Chasing the Thrill of Hope | Week Two: Be Present
Updated: Dec 15, 2020
Advent Series Introduction
I started wondering how it’s all going to fit together this year. How do I check off all the must’s, but balance them with all of the maybe’s that are such a reality this season — and still embrace the miracle of Christmas?
Maybe we’re thinking about it wrong.
Maybe, if we didn’t work toward Christmas like its a deadline, we could see the miracle embedded in the must’s and maybe’s? That the miracle lives in the thrill of hope we carry with us every day?
That’s what this Advent series is about. To stay centered around the thrill of our hope, to stay mindful of the miracle every day, we can look to the profound simplicity in the Christmas story.
In the middle of her own worries and cares, Mary chose to be open to God’s plans.
In the middle of chaos, the innkeeper chose to be present.
In the middle of their must’s, the shepherds chose to be still.
This Advent, let’s follow their lead and not miss the miracle. Let’s chase the thrill of hope in this weary world by choosing to be open, to be present, and to be still.
Week 2: Be Present
Week Two: Be Present
I continued my ritual again this morning. The preparing of coffee, the snuggling into my chair to catch the morning light, the lighting of a cinnamon candle and the planning out of the hours ahead. It brings me great comfort and joy to create and then check those tidy boxes, especially this time of year, when my list has extra sparkly categories.
Though, I have to confess, I feel a nagging in the tidiness. I wonder, as I focus on my not unimportant tasks, am I overlooking something? Am I too attached to my list to be present in the moments that matter?
It’s these thoughts that pull on me when I read that weighty phrase, “Because there was no place for them in the inn.”
“In those days a decree went out from Caesar Augustus that all the world should be registered. This was the first registration when Quirinius was governor of Syria. And all went to be registered, each to his own town.
And Joseph also went up from Galilee, from the town of Nazareth, to Judea, to the city of David, which is called Bethlehem, because he was of the house and lineage of David, to be registered with Mary, his betrothed, who was with child.
And while they were there, the time came for her to give birth. And she gave birth to her firstborn son and wrapped him in swaddling cloths and laid him in a manger, because there was no place for them in the inn,” (Luke 2:1-7, ESV).
The construction of this last verse isn’t sequential, as it first highlights of the biggest event: Jesus’ birth. Only after he is born, tacked on at the end, do we read that there was no room in the inn. Here is our glimpse of the moments that led to the birth and the swaddling cloths and the manger.
No room. This is what weighs on me: No room for a king.
I’ve often wondered about how this all unfolded. What conversations led to Mary and Joseph taking up temporary residence where this manger resided? How many people did they ask for a room? But one person, likely the owner of this stable, and perhaps the innkeeper, stayed present in a conversation where the obvious answer was “no.” Somehow, in the middle of full rooms and extra people and a long list of easy reasons to turn them away, he noticed Mary’s very pregnant belly, and the look of desperation on their faces. The pregnancy, the census, the fulfillment of prophecy, all lined up here, in this moment that mattered. Jesus was coming. And the innkeeper made room.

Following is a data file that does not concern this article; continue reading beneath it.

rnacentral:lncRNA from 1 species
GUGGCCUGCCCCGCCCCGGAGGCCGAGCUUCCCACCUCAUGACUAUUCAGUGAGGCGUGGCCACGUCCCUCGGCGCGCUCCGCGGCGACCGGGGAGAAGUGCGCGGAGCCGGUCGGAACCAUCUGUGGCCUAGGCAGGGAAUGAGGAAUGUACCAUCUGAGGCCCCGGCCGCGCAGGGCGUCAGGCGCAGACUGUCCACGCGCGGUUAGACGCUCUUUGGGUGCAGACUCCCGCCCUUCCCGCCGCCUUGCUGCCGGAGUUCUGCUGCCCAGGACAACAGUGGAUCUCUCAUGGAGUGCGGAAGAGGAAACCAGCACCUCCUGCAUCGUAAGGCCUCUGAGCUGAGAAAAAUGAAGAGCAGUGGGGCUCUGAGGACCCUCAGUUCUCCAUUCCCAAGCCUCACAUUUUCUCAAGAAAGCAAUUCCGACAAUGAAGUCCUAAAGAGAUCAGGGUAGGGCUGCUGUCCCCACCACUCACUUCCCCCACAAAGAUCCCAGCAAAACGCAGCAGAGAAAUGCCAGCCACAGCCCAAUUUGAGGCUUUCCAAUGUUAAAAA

When he said, “Here, I have this place,” he made room for God to tell His perfect story. Though meager and stark, we see in those swaddling cloths and that humble manger a story of provision. Of significance. We see a place prepared for them. A place set apart.
Jim Elliott, the missionary who gave up everything for God, said, “Wherever you are, be all there.” I think back to that verse that pulls on me — I don’t want it to be said that there is no room in my mind or heart. In the middle of the swell that comes with Christmas activity and pandemic unknowns, and in the middle of my cozy rituals and comfy routines, I pray that wherever I am, that I would be all there. Because Jesus isn't waiting in that little calendar square that reads “December 25.” He’s in every minute of every Target run and work meeting and carpool and kitchen cleanup.
He is here, now, with us. And He's planned a place for us, too. A place set apart.
Let’s not miss the miracle because of the chaos.
Let’s be present in the moments that matter.
Let’s make room for our King.
He is where we find the thrill of hope.
How has your own chaos kept you from being present with God?
Where can you make room for God?
What does it look like to “be present” with Him? With others in your life?
When have you noticed when someone has chosen to be present with you and what did that mean to you?
What specific habits or distractions or obstacles might keep you from moments that matter?
What can you do to notice the moments that matter in your day-to-day activities and routines?
Are there places where I need to make room for Jesus?
Am I aware of being present or not being present at times of my day? When are those times?
What practical steps I can take to be more present in my day-to-day? What does it look like?
Is there a daily practice I can insert into my day to prompt me to be present? A weekly practice?
How can I pray to be more present, even in the busy and the chaos of these weeks before Christmas?